so ya grinding your own is an awesome idea i have been doing it for some time now

  5. Is the attachment still working well for you? I am looking at my options now and stumbled across your blog, which was a nice find because I am from Ottawa!

  6. I was reading that you had to pass grain through at least twice on some of the more expensive grain mills. So that is no different than anyone else.

  7. I love my Kitchen Aid mixer, and am considering buying a mill attachment, versus buying a separate grain milling appliance. I appreciate your input. Due to multiple food allergies we are gluten free. I would VERY much appreciate hearing about your experience in milling the gluten free grains. They are very expensive. I would especially like to hear about how well it can mill quinoa, and rice.

    1. I haven’t milled many gluten free things–only rice and it did mill, though perhaps a bit on the coarse side? I’m not sure what you need for consistency. Perhaps I should do some experimenting! 🙂 I’ve heard good things about quinoa flour.

  8. I bought the Kitchen Aid flour mill today. I bought it online at Amazon.com It set me back $173.97 to have it delivered to Canada. I’ve thought about buying this item for sometime. I bought the mixer for myself two Christmases ago and it has been unused since then. It’s silver and it as the top of the line at the time. I hope I don’t have issues with the motor smoking.

    I’m looking forward to grinding various flours and making tasty bread. Like anything else that’s home cooked the quality will be higher but also more expensive.

      1. I like it a lot. It is relatively quiet (for a grain mill) and fast, and it does a nice job. I’ve only had it for about 2 months, but so far, so good. I’ve used it to grind wheat mostly, but I ground some brown rice a couple of weeks back, and it came out equally well.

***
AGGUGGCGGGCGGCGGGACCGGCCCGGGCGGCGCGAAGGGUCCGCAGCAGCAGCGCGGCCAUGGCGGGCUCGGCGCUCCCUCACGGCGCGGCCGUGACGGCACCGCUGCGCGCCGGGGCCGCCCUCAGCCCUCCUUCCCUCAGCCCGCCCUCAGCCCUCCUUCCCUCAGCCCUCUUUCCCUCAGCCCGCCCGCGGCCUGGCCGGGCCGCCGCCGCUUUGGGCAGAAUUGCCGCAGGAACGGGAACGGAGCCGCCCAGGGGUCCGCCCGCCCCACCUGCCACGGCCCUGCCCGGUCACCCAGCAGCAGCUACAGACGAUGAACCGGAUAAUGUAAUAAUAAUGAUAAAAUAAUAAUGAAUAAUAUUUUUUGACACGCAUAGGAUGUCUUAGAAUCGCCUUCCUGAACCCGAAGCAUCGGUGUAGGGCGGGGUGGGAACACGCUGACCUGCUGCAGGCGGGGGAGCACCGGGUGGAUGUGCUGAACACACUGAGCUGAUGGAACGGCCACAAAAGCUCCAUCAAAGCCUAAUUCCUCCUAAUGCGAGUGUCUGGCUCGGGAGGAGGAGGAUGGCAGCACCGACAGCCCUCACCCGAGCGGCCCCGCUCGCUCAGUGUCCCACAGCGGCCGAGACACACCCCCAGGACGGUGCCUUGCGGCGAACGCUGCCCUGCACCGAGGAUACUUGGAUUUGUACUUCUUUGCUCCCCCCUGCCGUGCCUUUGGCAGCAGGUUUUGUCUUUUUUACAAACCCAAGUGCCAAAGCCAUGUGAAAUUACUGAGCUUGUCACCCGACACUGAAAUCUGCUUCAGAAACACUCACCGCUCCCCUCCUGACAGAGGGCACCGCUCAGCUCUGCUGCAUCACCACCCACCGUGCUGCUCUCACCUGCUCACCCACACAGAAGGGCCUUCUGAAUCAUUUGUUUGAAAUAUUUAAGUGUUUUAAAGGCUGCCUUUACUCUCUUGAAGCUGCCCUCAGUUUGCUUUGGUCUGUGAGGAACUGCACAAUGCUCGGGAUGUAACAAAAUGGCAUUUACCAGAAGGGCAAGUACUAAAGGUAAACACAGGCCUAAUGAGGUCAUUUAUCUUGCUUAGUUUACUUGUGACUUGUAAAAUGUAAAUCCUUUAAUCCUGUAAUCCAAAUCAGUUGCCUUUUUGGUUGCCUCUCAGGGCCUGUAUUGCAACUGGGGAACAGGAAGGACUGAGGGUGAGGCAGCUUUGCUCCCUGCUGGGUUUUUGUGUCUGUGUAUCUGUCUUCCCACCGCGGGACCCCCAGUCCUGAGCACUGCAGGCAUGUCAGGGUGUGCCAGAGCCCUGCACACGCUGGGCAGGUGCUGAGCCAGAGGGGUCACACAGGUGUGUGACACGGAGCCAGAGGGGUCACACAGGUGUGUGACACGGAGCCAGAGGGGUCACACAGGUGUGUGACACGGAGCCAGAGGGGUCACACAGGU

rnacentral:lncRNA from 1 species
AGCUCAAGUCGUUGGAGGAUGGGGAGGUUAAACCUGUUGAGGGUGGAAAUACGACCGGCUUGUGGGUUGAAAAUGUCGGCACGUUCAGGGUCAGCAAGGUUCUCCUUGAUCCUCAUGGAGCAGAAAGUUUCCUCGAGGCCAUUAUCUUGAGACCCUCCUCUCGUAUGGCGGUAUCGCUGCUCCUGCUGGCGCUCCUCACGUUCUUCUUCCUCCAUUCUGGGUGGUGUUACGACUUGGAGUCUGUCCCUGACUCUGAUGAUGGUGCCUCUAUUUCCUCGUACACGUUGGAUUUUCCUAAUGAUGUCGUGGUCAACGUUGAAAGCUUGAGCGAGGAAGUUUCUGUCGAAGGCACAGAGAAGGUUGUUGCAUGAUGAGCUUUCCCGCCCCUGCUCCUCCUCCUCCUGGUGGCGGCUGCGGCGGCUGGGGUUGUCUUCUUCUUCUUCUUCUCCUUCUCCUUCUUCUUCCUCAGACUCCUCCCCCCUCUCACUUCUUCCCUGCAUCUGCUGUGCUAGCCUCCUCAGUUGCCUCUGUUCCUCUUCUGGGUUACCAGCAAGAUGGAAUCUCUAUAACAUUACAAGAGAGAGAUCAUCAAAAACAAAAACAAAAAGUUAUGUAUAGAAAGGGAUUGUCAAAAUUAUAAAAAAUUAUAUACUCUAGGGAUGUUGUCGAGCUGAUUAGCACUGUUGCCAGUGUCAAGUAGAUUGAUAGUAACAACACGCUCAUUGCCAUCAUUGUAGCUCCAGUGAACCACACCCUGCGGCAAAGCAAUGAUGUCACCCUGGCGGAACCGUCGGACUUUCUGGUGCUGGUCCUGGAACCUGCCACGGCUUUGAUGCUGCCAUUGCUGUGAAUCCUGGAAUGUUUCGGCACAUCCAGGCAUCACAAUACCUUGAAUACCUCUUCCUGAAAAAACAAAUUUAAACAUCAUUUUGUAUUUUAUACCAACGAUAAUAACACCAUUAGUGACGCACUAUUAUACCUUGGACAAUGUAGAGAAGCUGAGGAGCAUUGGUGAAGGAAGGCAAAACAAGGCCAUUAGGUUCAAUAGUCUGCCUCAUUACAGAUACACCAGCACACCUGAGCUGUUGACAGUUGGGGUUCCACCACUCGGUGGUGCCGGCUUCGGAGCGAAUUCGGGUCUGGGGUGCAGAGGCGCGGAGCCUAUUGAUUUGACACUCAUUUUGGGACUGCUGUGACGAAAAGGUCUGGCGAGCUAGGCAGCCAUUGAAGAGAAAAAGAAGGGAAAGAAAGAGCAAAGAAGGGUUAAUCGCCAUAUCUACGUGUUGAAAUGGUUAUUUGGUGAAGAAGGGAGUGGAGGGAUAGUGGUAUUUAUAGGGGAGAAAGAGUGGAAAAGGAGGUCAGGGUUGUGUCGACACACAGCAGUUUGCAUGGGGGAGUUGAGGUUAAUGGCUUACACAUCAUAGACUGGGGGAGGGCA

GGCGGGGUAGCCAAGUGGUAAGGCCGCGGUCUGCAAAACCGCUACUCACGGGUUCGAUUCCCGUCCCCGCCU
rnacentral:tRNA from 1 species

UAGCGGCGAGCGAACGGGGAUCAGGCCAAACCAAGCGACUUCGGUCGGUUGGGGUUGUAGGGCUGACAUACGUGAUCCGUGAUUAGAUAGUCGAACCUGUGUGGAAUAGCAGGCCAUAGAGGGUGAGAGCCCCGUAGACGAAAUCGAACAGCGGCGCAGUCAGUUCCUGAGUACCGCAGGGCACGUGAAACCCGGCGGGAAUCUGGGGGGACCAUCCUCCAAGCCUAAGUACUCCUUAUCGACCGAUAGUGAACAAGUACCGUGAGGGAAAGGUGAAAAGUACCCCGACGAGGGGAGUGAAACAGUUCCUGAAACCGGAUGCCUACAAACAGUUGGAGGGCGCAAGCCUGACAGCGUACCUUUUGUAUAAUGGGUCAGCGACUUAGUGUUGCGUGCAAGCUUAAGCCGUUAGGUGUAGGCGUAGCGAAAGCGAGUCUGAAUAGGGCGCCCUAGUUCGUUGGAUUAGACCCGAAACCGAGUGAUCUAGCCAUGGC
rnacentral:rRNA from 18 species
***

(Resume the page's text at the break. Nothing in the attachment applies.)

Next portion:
9. I did end up buying the grain mill attachment. For the life of me, I couldn’t get the thing to mill rice. Even after 10 passes on the finest setting, it was too course to be usable. I called Kitchen Aid to speak with a customer service rep. We went over how to use it & couldn’t identify anything I was doing wrong. He then told me “if the grain mill didn’t fill my needs that I should return it”. (What I needed was a grain mill that could make rice flour.) Rice, btw is listed in the manual as a recommended grain to mill with it.

    When I say the rice came out course, I mean really course, not even in the ballpark of what I would call a flour. It was the constancy of grits, if you are familiar with those.

    If yours has been able to make a reasonable rice flour, maybe the one I bought was defective?

    The other problem I had was that twice during my 10 passes through with the same 1 cup of rice, the darn thing fell off the mixer! I am pretty sure I tightened it down well the first time, & absolutely certain I did after it fell off the first time!

    I wanted to love it, but ended up returning it. I went back to making rice for in my Vita Mix. I am really glad this attachment works for you though.

    1. To be honest, I have used it most often for milling rye flour for feeding my sourdough. I didn’t find the flour grind to be fine enough for satisfactory breads or other baked goods. It has been really worthwhile for just that main purpose though. However, in hindsight I might not recommend it for folks who want to mill flour and bake with it.